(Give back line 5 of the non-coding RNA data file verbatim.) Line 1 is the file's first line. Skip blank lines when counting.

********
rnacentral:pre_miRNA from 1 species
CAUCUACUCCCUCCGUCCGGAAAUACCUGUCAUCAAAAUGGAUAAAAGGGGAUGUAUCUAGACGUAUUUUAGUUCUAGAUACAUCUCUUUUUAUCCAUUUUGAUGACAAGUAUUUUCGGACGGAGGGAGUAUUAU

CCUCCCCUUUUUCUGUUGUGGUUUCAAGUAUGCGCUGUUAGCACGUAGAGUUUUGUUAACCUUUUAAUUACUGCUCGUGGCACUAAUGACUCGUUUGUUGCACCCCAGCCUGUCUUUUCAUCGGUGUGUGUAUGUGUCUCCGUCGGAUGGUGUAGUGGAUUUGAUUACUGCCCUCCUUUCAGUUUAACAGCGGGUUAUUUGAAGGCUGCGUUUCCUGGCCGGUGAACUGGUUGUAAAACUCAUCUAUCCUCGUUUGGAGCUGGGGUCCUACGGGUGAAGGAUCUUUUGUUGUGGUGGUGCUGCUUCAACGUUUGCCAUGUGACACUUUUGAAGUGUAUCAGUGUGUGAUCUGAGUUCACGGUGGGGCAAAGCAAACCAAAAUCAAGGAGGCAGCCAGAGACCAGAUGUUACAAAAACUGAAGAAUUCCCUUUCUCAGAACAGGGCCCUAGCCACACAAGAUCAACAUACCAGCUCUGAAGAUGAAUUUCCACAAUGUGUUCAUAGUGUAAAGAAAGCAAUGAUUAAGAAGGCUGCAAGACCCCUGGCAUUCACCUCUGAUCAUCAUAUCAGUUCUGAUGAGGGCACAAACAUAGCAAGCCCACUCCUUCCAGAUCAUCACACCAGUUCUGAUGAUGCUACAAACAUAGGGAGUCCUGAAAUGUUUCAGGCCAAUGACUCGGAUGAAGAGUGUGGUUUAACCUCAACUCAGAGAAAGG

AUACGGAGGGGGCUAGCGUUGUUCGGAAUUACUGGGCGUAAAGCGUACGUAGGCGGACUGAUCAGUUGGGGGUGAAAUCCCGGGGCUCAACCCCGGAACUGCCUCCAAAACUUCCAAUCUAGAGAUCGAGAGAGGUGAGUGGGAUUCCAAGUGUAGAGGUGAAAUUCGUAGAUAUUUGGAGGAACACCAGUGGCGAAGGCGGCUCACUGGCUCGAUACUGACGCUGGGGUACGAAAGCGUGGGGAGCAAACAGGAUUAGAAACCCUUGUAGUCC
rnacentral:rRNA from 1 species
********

rnacentral:rRNA from 1 species